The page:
Your Chosen Card – Six of Cups Upright Rider Waite Deck
When upright, the nostalgic Six of Cups refers to pleasant memories and enjoyable relationships returning from the past. It can herald a friendly reunion or the revival of a former friendship or love interest. You may find yourself exchanging gifts or sharing sexual pleasures with someone you care about. This is a card of joy, harmony, and satisfaction. Traditionally it is a marker of things past.
Keywords Upright: In the past, happy memories, nostalgia, longing, reunion, harmony, pleasure, enjoyment, betterment, gift giving, old friends, renewal of old relationships, a blast from the past. Traditionally the Six of Cups meant ‘in the past’ and the Six of Coins referred to ‘in the now’ – we tend to reminisce about the good old days when we sip wine from a cup. The reversed Six of Cups traditionally meant ‘in the future’ – perhaps because the inverted cups do not yet hold the wine we will drink at a future time. These traditional ‘past-present-future’ meanings derive from the fortune-telling history of the tarot.
Timing: 10 Scorpio20 Scorpio. Tropical, 3 November12 November. Sidereal, 26 November5 December.
Astrology: The mighty Sun in the second decan of watery Scorpio, realm of the Waite King/Thoth Prince of Cups (Air of Water) and Death (Scorpio).
Number Symbolism: 6 – harmony, communication, sharing, compassion.
Rider Waite: Children in an old garden, their cups filled with flowers. Divinatory Meanings: A card of the past and of memories, looking back, as – for example – on childhood; happiness, enjoyment, but coming rather from the past; things that have vanished. Another reading reverses this, giving new relations, new knowledge, new environment, and then the children are disporting in an unfamiliar precinct; (R) the future, renewal, that which will come to pass presently.
When Six of Cups is upright you can pretty much take it that life is going well but that’s when life takes us by surprise. If Six of Cups is unclear it may help to choose a card from the Major Arcana to provide more insight into what it is Six of Cups is trying to tell you. If you had a particular issue in mind, or want to seek clarification on something else, you can also choose again to get more guidance.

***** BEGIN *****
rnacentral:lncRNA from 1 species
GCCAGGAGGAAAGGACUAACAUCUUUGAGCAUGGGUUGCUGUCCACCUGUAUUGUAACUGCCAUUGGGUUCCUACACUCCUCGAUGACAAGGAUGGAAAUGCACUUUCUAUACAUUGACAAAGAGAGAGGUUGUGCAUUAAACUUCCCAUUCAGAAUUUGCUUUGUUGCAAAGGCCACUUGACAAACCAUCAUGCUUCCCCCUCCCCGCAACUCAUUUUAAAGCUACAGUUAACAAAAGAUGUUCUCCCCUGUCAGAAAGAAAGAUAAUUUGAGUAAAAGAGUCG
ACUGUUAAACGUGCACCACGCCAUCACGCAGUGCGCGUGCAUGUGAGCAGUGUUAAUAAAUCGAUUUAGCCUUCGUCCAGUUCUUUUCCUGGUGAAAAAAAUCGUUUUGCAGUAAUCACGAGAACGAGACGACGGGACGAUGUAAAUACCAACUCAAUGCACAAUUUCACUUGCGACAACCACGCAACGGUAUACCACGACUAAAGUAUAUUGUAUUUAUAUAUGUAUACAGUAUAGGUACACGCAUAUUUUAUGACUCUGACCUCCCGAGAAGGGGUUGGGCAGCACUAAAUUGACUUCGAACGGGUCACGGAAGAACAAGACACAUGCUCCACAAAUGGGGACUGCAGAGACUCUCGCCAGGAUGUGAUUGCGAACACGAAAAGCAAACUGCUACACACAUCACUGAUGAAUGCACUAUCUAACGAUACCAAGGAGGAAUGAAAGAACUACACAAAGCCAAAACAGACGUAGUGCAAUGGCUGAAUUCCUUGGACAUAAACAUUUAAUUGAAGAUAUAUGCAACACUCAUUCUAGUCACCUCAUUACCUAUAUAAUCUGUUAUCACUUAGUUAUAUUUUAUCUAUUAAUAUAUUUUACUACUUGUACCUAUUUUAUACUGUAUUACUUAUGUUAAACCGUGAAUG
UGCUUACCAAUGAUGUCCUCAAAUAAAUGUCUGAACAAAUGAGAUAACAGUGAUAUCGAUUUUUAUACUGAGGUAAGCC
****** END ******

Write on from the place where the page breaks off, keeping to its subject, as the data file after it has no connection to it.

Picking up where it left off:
This chosen card is part of your upright card reading for Six of Cups using cards from the Rider Waite Tarot Deck. You will find many more tarot pages that will be of great help if you need tarot card meanings. Use the search at the bottom of the page. We have some amazing tarot books for you to browse. Please see below.
Here are some snippets from a few of my favorite books
Complete Book of Tarot: When upright, the nostalgic Six of Cups refers to pleasant memories and enjoyable relationships returning from the past. It can herald a friendly reunion or the revival of a former friendship or love interest. You may find yourself exchanging gifts or sharing sexual pleasures with someone you care about. This is a card of joy, harmony, and satisfaction. Traditionally it is a marker of things past.
Creative Tarot: Which brings us to today. There have been many successful tarot decks since the Rider-Waite-Smith, like the Aquarius deck and the Morgan-Greer, both developed in the 1970s when the New Age movement started to gain mainstream acceptability, but almost all have followed the illustrative choices that Smith made. Its all but impossible to overstate her importance in how we use and think about the tarot today.
Complete Book of Tarot: The tarot always gives a correct answer, and any errors in a tarot reading are due to the practitioners failure to understand what the cards are saying, but
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Tarot Triumphs: The Fool (or Jester) and the Magician are strong candidates for jongleur figures for obvious reasons of clowning and performing magic tricks. So is the Hanged Man, taking my preferred interpretation of him as an acrobat demonstrating his balancing tricks. Strength, the woman taming the lion, could be linked to the female jongleurs of the travelers’ bands, whose acts included animal taming. The World, a scantily clad dancer, is also a possibility. Death appeared in similar guise in play-acting and spectacles of the time, particularly in the Dance of Death scenario, so he could have been part of jongleur repertoire. And perhaps a toppling Tower and a rotating wheel might have been part of the props, or, at the very least, a feature in the stories and plays offered. The Wheel of Fortune could have been a gambling game, offered at shows just as people still pick out lucky numbers from a revolving drum at fairs today. The cultural memories of jongleurs and their performances would be likely to linger on after their high point of fame and provide atmospheric, recognizable images that would work well in the Tarot mix. At any rate, whether jongleurs played a part as folk memories, popular performers, or even creators of the first Tarot cards, I put them forward for consideration in the early history of Tarot. The vernacular also brings us more to the heart and spirit of Tarot; although its history and imagery place it among the nobility as well, I believe Tarot embodies a folk culture that may have been there all along and was not just a place where Tarot ended up in later centuries.